Delicate, beautiful and divinely scented, the rose is one of our most loved flowers. Entwined with matters of the heart, roses are given by lovers and used extensively in the perfume industry. In mythology we find them connected to goddesses such as Venus and Aphrodite, embodying love, beauty, fertility, prosperity and desire.
In Britain the most abundant of our native roses is the dog rose – Rosa canina. During the summer months the climbing bushes can be seen adorning the hedgerows with their pale pink blossoms. The origin of the name ‘Dog rose’ seems unclear; some report that it came about as a result of the root of the plant being used to cure the bite of rabid dogs, while others cite that it originates from the Anglo-Saxon term meaning ‘dagger’ due to its thorns.
Herbally the flower’s uses correspond somewhat with those of lore. Rose is a wonderful cooling tonic for the female reproductive system, relieving congestion and painful periods, whilst acting on the nervous system to calm any tension, anxieties, depression and headaches that may occur at this time. In addition to this, it lives up to its reputation as an aphrodisiac, not only for females but also for men, encour ing the development of lovingfeelings and fostering desire.
KEYNOTES: Female reproductive system tonic – Cooling, astringent, encouraging menstrual flow, decreasing congestion and pain, aphrodisiac. Useful for emotional distress and irritation around the time of menstruation.
Nervous and Cardiovascular Systems – Hypnotic (encouraging restful sleep), anti- anxiety, antidepressive (increases neuronal connections in brain, thereby also improving memory1). For loneliness, lack of self-esteem and lack of love – Rose helps us to recognise the beauty within ourselves. Lowers blood pressure. Uplifting. Valuable for anxious headaches.
Digestive System – Liver protective, anti-inflammatory and wound healing.
Skin – Cooling, anti-inflammatory, antibacterial, anti-ageing.
Additional – Coughs – anti spasm. Potent antioxidant
BALANCE AND COMPOSURE
In the run up to the menstrual period women can experience mood swings, depression, irritability, anger and anxiety as hormone levels fluctuate. For some this can be a minor inconvenience, for others it becomes a major challenge, affecting relationships at work and at home.
Menstruation is a time of cleansing and often what women need most is to rest and make space to nurture themselves. When this doesn’t happen emotional turbulence is more likely. Emotional sensitivity can be a valuable tool and instead of rejecting them, emotions can be used as a barometer – giving an insight into what we and our bodies need. Anger or depression may be intensified at this time, but is there an underlying trigger that has not been addressed? For some there is a tendency to give so much to others that there is nothing left for themselves and it is at this point of the cycle, when feeling most vulnerable, that these issues rise to the surface with feelings of being walked over and taken for granted.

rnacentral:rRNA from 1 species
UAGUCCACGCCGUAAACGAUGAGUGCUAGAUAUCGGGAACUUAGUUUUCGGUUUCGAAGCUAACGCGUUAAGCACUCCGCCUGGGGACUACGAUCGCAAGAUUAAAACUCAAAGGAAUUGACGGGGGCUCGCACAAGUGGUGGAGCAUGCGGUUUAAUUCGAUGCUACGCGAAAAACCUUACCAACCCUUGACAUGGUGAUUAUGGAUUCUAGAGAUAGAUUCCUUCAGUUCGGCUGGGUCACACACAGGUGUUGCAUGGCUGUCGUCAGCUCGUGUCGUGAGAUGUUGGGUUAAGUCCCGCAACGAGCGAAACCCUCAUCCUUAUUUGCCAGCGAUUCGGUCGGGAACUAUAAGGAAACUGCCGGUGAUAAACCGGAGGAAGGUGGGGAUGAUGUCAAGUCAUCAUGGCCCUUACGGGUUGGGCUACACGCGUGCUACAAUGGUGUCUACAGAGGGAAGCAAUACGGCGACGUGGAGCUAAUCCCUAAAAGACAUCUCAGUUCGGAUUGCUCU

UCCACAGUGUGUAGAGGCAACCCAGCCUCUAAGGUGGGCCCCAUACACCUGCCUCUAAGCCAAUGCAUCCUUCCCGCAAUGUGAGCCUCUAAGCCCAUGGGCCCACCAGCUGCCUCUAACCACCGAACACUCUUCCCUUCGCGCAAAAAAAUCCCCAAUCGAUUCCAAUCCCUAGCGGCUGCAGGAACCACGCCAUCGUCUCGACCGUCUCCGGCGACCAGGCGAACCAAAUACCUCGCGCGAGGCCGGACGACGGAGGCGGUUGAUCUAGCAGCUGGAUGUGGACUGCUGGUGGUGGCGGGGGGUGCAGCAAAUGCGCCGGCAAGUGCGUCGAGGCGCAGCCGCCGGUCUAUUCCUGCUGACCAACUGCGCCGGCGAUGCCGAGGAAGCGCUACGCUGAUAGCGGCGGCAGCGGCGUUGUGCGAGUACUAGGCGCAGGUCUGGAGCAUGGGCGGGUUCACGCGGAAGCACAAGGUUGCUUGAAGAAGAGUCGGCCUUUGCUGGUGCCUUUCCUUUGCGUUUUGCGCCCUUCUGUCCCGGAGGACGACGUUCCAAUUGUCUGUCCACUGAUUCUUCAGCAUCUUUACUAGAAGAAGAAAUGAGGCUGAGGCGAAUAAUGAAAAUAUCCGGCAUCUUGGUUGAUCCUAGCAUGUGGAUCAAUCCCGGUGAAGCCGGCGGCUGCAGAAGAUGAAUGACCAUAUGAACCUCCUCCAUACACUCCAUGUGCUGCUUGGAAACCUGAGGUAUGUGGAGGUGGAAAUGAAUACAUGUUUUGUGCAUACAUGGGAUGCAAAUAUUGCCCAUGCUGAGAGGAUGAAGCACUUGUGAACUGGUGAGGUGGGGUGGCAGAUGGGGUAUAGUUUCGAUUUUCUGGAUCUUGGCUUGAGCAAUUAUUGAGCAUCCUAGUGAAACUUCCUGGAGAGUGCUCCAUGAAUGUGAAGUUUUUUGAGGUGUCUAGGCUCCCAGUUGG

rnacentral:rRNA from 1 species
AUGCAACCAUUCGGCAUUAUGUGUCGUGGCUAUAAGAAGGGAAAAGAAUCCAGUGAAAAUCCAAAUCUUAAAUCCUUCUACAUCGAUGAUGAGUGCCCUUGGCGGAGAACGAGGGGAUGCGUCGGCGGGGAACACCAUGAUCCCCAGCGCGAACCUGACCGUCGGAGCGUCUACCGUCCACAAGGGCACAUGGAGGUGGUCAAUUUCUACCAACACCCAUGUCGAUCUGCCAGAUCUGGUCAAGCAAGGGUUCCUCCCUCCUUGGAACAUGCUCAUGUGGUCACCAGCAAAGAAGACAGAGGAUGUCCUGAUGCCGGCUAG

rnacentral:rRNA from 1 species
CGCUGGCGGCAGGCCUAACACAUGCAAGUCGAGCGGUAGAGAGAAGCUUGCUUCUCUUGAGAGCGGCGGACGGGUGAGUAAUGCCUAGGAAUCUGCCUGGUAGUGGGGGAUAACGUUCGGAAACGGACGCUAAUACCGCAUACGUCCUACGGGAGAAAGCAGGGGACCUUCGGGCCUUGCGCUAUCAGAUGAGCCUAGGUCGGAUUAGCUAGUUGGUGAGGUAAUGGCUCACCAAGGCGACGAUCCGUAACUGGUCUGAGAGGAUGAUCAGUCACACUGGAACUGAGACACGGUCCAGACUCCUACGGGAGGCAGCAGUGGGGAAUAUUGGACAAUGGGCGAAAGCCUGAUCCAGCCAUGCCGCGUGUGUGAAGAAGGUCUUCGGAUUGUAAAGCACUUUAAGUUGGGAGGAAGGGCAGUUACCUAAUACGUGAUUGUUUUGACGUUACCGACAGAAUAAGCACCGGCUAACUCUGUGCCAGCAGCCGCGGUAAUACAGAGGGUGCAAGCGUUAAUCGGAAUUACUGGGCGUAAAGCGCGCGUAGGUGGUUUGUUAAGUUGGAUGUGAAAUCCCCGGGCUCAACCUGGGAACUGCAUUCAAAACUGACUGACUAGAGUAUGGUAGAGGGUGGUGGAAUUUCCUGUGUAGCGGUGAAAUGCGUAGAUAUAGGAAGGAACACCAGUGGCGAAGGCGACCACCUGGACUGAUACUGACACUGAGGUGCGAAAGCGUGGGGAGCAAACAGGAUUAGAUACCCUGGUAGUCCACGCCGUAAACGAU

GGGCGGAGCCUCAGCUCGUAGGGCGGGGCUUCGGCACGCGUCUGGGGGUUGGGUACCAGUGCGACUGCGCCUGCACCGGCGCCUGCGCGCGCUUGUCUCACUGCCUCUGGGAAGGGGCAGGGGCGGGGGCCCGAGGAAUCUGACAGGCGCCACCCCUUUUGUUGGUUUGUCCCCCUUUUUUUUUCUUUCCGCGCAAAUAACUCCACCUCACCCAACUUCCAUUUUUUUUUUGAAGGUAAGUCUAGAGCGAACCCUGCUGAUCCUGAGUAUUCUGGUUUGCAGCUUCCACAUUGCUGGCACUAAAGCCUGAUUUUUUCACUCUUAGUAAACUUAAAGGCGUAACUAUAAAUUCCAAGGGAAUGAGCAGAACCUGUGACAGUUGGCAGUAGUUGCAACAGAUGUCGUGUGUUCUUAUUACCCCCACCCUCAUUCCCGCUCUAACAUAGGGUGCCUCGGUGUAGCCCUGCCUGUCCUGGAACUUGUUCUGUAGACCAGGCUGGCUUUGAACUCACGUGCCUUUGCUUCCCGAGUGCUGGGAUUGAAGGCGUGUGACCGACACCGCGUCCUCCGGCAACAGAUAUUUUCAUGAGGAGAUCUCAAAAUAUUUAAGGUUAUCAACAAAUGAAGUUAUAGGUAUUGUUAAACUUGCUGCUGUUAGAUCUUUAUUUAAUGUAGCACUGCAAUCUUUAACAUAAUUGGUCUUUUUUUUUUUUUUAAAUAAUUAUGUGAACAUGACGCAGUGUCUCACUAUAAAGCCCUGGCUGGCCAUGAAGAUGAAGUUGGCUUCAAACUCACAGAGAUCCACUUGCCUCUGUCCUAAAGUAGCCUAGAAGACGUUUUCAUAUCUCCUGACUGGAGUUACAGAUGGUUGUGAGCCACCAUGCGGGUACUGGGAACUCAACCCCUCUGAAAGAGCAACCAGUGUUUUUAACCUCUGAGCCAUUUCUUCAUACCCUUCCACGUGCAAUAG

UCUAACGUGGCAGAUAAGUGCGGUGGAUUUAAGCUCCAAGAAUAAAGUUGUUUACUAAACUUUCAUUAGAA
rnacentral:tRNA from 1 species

Acknowledge the emotions (without feeding into them and fuelling a heightened response) and be willing to make any changes necessary to care for yourself. Rose, with its calming, cooling influence is an ideal supportive herb during this process.
The effect of Rose flower extract on the mortality rate of Drosophila (Fruit flies) was evaluated. Results showed that Rose significantly extended the life span of the crea-tures, potentially due to the antioxidant properties, which have been shown to be potent in the flower2 (or perhaps because they felt so special!).
During the Second World War schoolchildren were encouraged to gather the ripening hips of Rosa canina in the autumn, providing a much-needed source of vitamin C during the time of rationing. After the war, a company called ‘Delrosa’ continued to produce rosehip syrup commercially and children were paid 3d (3 pre-decimal pennies) per pound of rosehips collected. Rosehips contain 20 times more vitamin C than orange juice so are a great boost for the body and immunity as the winter months approach. However, rosehip syrup produced by boiling the rosehips may not be the best way to take it as much of the vitamin C is destroyed. A preferable method is syrup made from raw rosehips by a process of warm infusion.
The Herbal Clinic
Meilyr James BSc (Hons) DBTh DAcu AcuC Dir MGNI Registered Medical Herbalist, Iridologist and Acupuncturist
32 King Edward Road, Swansea SA1 4LL 01792 474356 www.herbalclinic-swansea.co.uk
- Awale1 S, Tohda C, Tezuka Y, Miyazaki M, Kadota S. Protective effects of Rosa damascena and its active constituent on Ab(25–35)-induced Neuritic Atrophy. eCAM. 2009;149:1–8
- Jafari M, Zarban A, Pham S, Wang T. Rosa damascena decreased mortality in adult Drosophila. J Med Food. 2008;11:9–13.